Science Fair Projects Made Simple

Hello darlings!  Amy here from That Teaching Spark. Sometime in your life you or someone you loved has had to complete a.... wait for it.... Science Fair Project.  Gasp!  It can be the bane of your existence or it can be a joyful experience.  Can you even imagine?  LOL!



In all seriousness, I LOVE science, so teaching the Scientific Method and doing a class Science Fair Project is actually fun for me! No eye rolling please!  Talking parents down off a ledge and responding to parent whining and excuses... not so fun!  I get it.  I tell my students, "It's not hard.  It's just a lot of work!"  Especially when you wait until the week before it is due to even think of a topic. 

In my school, all of third grade is required to complete a Science Fair Project.  To be proactive and to minimize the risk of parents wanting to gauge my eyes out, I created a Science Fair Journal that walks students through the process and gives them helpful reminders of the things I've been teaching them for weeks!! We also complete an entire Science Fair Project TOGETHER as a class and complete the journal TOGETHER.  This way I have modeled exactly what is expected and students already have experience with the process.


Question

For the past two years I decided to research about popcorn.  Food + kids = ENGAGEMENT!  Last year our question was, "Which brand of popcorn will pop the most kernels?"  This year we did pretty much the same thing but instead of brands, we research types.  We were trying to see if it made a difference if the popcorn was super buttery or if it was plain with just salt. Our question was, "Which type of popcorn will pop the most kernels, sea salt, butter, or extra butter?"

Background and Hypothesis

For this experiment we had to use the same brand to keep all the variables the same except the popcorn type.  After researching at www.popcorn.org/Facts-Fun/What-Makes-Popcorn-Pop we created our Hypothesis.  "IF we microwave sea salt, butter, and extra butter popcorn for two minutes and thirty seconds, THEN the extra butter popcorn will pop the most kernels."



Materials 

The pictures I am showing are from last year's experiment with the different brands of popcorn, so don't let that confuse you.  The materials you will need are simple and depend of the experiment you choose.

Testing the brands:
(make sure the bags have the same amount-grams)
You will need a total of 3 bags for each brand for a total of 3 trials

microwave
Pop Secret Butter 34 grams
Jolly Time Butter 34 grams
Orville Redenbocher Butter 34 grams
paper towels

Testing the type:
 (make sure the bags have the same amount-grams)
You will need 3 bags for each type for  a total of 3 trials

microwave
Pop Secret Sea Salt 34 grams
Pop Secret Butter 34 grams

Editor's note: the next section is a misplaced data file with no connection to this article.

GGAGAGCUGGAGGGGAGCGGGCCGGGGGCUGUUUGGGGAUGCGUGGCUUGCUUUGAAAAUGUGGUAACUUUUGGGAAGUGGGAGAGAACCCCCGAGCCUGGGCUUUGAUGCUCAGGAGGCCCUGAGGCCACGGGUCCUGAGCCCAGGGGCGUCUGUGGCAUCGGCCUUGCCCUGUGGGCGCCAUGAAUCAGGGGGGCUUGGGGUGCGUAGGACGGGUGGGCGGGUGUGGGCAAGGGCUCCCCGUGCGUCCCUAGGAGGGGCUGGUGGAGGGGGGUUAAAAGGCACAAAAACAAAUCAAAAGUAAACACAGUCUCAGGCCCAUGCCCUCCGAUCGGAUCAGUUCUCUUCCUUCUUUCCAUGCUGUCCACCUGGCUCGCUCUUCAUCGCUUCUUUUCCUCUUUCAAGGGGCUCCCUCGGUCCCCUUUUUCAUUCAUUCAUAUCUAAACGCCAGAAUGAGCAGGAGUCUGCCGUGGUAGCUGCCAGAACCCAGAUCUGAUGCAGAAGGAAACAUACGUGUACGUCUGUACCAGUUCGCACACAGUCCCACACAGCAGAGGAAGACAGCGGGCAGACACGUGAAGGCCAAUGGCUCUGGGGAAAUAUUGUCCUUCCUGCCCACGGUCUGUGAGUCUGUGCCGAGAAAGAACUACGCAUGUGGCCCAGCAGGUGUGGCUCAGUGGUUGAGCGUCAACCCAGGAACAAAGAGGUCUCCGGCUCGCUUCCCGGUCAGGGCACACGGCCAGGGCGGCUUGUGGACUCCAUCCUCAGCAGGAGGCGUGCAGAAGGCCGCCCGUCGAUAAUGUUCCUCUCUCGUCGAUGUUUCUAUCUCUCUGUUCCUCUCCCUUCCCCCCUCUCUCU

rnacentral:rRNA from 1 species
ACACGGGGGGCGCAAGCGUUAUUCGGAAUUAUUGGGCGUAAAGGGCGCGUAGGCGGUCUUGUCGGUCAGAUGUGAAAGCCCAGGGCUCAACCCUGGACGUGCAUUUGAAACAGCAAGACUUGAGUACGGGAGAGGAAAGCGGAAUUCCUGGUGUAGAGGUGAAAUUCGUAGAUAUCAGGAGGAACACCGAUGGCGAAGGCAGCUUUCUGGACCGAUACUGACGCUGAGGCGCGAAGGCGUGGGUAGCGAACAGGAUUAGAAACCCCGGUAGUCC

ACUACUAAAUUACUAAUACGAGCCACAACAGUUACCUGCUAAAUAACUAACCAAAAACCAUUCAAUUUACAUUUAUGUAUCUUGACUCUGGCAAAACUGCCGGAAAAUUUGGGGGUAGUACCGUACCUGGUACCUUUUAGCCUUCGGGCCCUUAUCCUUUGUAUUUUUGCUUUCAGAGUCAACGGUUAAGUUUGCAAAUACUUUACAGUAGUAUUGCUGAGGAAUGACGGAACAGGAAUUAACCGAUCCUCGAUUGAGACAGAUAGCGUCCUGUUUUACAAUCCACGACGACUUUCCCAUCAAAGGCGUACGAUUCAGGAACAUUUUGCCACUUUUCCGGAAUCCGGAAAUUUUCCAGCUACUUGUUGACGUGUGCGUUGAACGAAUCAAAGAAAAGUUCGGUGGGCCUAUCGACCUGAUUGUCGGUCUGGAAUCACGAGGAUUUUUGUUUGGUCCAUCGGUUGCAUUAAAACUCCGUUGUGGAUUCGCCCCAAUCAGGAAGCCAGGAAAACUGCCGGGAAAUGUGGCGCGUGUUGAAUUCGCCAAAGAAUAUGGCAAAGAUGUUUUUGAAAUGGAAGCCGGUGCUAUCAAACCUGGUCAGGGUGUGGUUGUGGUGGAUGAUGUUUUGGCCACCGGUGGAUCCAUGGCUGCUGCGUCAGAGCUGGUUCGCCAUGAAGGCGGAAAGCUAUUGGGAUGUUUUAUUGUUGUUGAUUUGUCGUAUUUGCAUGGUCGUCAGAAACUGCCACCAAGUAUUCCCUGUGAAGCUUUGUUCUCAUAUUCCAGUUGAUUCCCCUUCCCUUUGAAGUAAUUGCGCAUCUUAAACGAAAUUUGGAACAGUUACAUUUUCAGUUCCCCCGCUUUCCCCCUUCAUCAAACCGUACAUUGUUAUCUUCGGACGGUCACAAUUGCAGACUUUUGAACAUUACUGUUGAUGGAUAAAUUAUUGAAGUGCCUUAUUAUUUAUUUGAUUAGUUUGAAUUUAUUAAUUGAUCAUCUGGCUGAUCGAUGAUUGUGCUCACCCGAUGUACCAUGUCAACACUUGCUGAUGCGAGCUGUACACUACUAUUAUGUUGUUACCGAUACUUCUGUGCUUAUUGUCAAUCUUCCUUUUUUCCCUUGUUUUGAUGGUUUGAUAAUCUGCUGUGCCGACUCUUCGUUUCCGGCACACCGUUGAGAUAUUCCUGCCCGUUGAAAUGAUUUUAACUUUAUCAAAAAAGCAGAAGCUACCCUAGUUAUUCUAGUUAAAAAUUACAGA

Pop Secret Extra Butter 34 grams
paper towels

Procedure

This was a very easy experiment because you basically just pop all the bags for 2:30 minutes each.  I divided my students into 3 large groups to act as Trial 1, Trial 2, and Trial 3 and laid paper towels on the table.  The students dumped one bag at a time onto the paper towels and counted all the unpopped kernels.  The logic here is that if all the bags have the same amount inside, then they should have just about the same amount of kernels.  If you want to get super technical, I'm sure there is a slight difference with every bag and you could count the popped and unpopped kernels and develop a ratio, but for our simple third grade experiment, we are sticking with just counting the unpopped kernels. 

Students recorded their results for each bag and then we shared the results of each Trial as a class to record in our Science Fair Journal.




Results- Data/Analysis-Conclusion

After we recorded the results for the 3 trials, I showed them how to create a graph with a graph key so we could fit all 3 trials on one bar graph.  We summarized our results into paragraph form and then we wrote our conclusion.  In the conclusion it is important for students to state if their hypothesis was supported or rejected.  It is also very important for them to know that their hypothesis DOES NOT need to be correct.  Some kiddos think if their hypothesis was rejected that they did the experiment wrong.  The whole purpose of the experiment is to see what will really happen.  If you are wrong that is ok!  You should never do an experiment when you are 100% sure of the results.  What would be the point?  You learn nothing.  



I hope these ideas were helpful to you and you are one or two steps further away from the ledge!!  Science can be fun!

You can grab the blank journal we used here.  


Happy Sciencing! 





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